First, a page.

Health officials have shuttered a Christian school in West Michigan after its failure to put in place any pandemic safety measures resulted in what health officials are calling an “ongoing outbreak” of COVID-19.
On its website, Libertas Christian School claims to believe that “governmental authority should be honored wherein it does not call for violation of Scripture.” But unless there’s some commandment against mask-wearing I’ve forgotten, they appear to have abandoned that principle in favor of some misguided understanding of personal freedom that includes the right to transmit infectious diseases if the use of a face mask would prove slightly inconvenient.
Accordingly, earlier this month they filed a lawsuit against state and Ottawa County officials claiming that mandatory health precautions violated the religious freedom and parental rights of the Libertas community.
In that document, the attorneys outlined the school’s “proven effective” measures to protect students from infection. They excluded any mention of social distancing or gathering size limits, but listed “prayer, fasting, almsgiving, and traditional spiritual aids to combat disease” as strategies.
Apparently the body of knowledge on offer in a “classical Christian education” dates back to some time before the discovery of germ theory.
The lawsuit also claimed (incorrectly) that no students or teachers at Libertas had tested positive for COVID. In fact, days before it was submitted, two teachers tested positive for COVID-19. Two students also tested positive later, but Libertas insists they were exposed outside of the school environment — which is possible, but given the school’s reliance on prayer over prophylactics, it’s not the most likely scenario. (Honestly the only surprise here is that there aren’t more cases on their hands.)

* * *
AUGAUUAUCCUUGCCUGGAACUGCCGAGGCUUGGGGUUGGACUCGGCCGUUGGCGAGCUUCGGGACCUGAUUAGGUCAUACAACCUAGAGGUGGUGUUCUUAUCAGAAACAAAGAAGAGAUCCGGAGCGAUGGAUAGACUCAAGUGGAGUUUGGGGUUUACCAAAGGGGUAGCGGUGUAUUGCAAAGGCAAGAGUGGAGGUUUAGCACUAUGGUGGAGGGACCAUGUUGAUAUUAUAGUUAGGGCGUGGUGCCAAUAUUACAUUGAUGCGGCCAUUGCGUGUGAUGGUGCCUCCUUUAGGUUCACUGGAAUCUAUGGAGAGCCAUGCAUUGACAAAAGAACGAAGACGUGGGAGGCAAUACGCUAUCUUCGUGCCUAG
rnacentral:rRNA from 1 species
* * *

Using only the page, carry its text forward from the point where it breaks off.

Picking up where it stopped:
According to the cease-and-desist order issued by the Ottawa County Department of Public Health, the school failed to report the teachers’ test results and refused to cooperate with contact tracers, rendering it an “imminent danger to the public health.”
Deputy Health Minister Marcia Mansaray says she reached out to the school multiple times to try to address the weaknesses in the school’s disease prevention protocol. It was only after those efforts remained unsuccessful that the Department of Public Health resorted to shutting the school down entirely, claiming a “legal obligation” to prevent further spread of the disease. Says administrative officer Lisa Stefanofsky:
We endeavor to work with all schools and businesses to help provide education about COVID-19 and ask for them to partner with us by following the proven public health methods to slow the spread of disease. In addition to our diligent disease investigation process, we had numerous fearful individuals reach out to us concerned about health and safety in an environment that was not working to protect them. We hear those voices and take seriously our duty to protect our community.
On Thursday night — “under cover of darkness,” the school adds dramatically — health officials affixed closure notices to the school’s doors along with the fourth and final quarantine order.
By Friday, Libertas attorney Ian Northon was in federal court, demanding a temporary stop to the school’s closure, given the pending litigation. It didn’t work. Western U.S. District Judge Paul Maloney said that the health department had violated no court orders, and that their requests for compliance “did not implicate religious beliefs or exercise” — except, I suppose, in requiring Libertas to acknowledge that prayer and fasting aren’t enough to prevent sickness from spreading.
Doug Van Essen, attorney for the Department of Public Health, says that the school has options… but continuing to ignore the reality of the current pandemic state is not one of them:
I filed a motion for my own injunction on Wednesday that basically asks them to follow the order to mask up, and to cooperate with contact tracing that comes up, or not to operate in person. Those are their options. They can either follow the law like everyone else is doing in the school setting, or they can choose to do it virtual. We don’t care. But they have to follow the rules that every other school in the state is following.
As usual, when faced with a situation where they’re being treated the same as everybody else, these Christians mistake the absence of special treatment for persecution.
(Image via Facebook. Thanks to Michael for the link)